Jeremy Lin: Why Lin Is Best Point Guard in NBA Right Now

Sam R. QuinnSenior Analyst IIIFebruary 15, 2012

NEW YORK, NY - FEBRUARY 10:  Jeremy Lin #17 of the New York Knicks brings the ball up court against the Los Angeles Lakers at Madison Square Garden on February 10, 2012 in New York City.  NOTE TO USER: User expressly acknowledges and agrees that, by downloading and or using this photograph, User is consenting to the terms and conditions of the Getty Images License Agreement.  (Photo by Chris Chambers/Getty Images)
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The New York Knicks newest star, Jeremy Shu-How Lin, the undrafted point guard out of Harvard, has been the best point guard in the NBA over the last six games. Better than Chris Paul. Better than Deron Williams. Better than Russell Westbrook. Even better than Derrick Rose.

Since Lin’s arrival, Paul and Westbrook are each 4-2, Deron Williams hasn't won a game and Derrick Rose has been sidelined with a bad back. Lin however, has led the Knicks to a 6-0 record, singlehandedly dragging the team from the doldrums of the Eastern Conference. 

I wish I could think of some clever new spin on his name, but if I hear, "All he does is Lin, Lin, Lin" one more time, I'll go crazy. There's no puns needed to explain why Jeremy Lin is the best point guard in the league at this very moment. 

He’s averaged a shade less than 27 points per game since seizing the opportunity given to him by Mike D’Antoni (and Toney Douglas, I suppose). Unlike Tim Tebow, who he has been compared to, Lin can pass. He’s had seven-plus assists in every one of his starts. 

The title of best point guard in the league is not defined only by the individual performance of the player, but by the collective play of the team. It’s the same as football. When your team is winning, the quarterback is praised. But when the team is losing, the field general falls out of the good graces of fans.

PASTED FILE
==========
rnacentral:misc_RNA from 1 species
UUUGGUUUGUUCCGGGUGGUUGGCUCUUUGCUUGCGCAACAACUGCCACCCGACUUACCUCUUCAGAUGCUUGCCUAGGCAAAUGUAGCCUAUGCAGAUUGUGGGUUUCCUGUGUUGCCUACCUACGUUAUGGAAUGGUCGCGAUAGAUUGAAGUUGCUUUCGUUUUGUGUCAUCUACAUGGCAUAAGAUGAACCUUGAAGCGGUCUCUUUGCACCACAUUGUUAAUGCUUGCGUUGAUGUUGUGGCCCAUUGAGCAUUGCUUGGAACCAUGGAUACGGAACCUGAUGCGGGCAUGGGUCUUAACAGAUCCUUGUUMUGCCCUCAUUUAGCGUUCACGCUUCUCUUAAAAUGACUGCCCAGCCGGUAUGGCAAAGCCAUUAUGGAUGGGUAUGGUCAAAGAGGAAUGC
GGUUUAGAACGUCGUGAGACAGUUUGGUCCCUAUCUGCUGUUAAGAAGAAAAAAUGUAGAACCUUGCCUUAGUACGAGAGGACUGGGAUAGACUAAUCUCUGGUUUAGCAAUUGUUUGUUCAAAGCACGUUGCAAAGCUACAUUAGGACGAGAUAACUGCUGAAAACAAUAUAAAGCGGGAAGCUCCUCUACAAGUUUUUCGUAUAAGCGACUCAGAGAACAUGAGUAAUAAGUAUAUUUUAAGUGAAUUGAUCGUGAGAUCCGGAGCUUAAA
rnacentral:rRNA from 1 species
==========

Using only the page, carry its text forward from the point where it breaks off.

Lin has not only excelled individually, the Knicks haven’t lost a game since he’s pulled the bench splinters out of his butt. 

Teams don’t know what to do with Lin yet. They’ve seen the film. They know what they have to key in on, but he keeps burning them. 

NEW YORK, NY - FEBRUARY 10:  (L-R) Jeremy Lin #17 and Tyson Chandler #6 of the New York Knicks look on against the Los Angeles Lakers at Madison Square Garden on February 10, 2012 in New York City.  NOTE TO USER: User expressly acknowledges and agrees tha
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It’s obvious that Lin has a little trouble driving to his left. In the closing seconds of Tuesday night’s game against the Toronto Raptors, Jose Calderon remembered this. He backed off the 23-year-old point guard, trying to force him to his weak side. Lin would have none of it, as he stepped back and calmly drilled the game-winner with a half-second left. All of this after converting an and-one the possession before. 

He’s deceptively strong, possesses uncanny speed and has a will to win that this Knicks team so desperately craved.

Just like the top point guards in the league, Lin picks up the slack for other players. Blake Griffin is having an off game? CP3 picks up the slack. When Kevin Durant isn’t at his best, Westbrook takes control. If Luol Deng and Carlos Boozer aren’t playing well, D-Rose grabs the game by the throat. Other than Williams, everyone on the New Jersey Nets is average at best, so he does a lot of work on his own. 

Amar’e Stoudemire and Carmelo Anthony are out? Jeremy Lin to the rescue. Stoudemire came back last night (no doubt with a heavy heart) and did basically everything he could do to lose the game for the Knicks. Lin put the team on his back and his teammates knew it (watch Landry Fields give his boy a big fat smooch after the game).

He wants the ball when it counts. He asked for that isolation play at the end. There's only one thing you can say about that: cojones. 

Jeremy Lin has put together an unbelievable stretch of games, making him (for now) the best point guard in the league.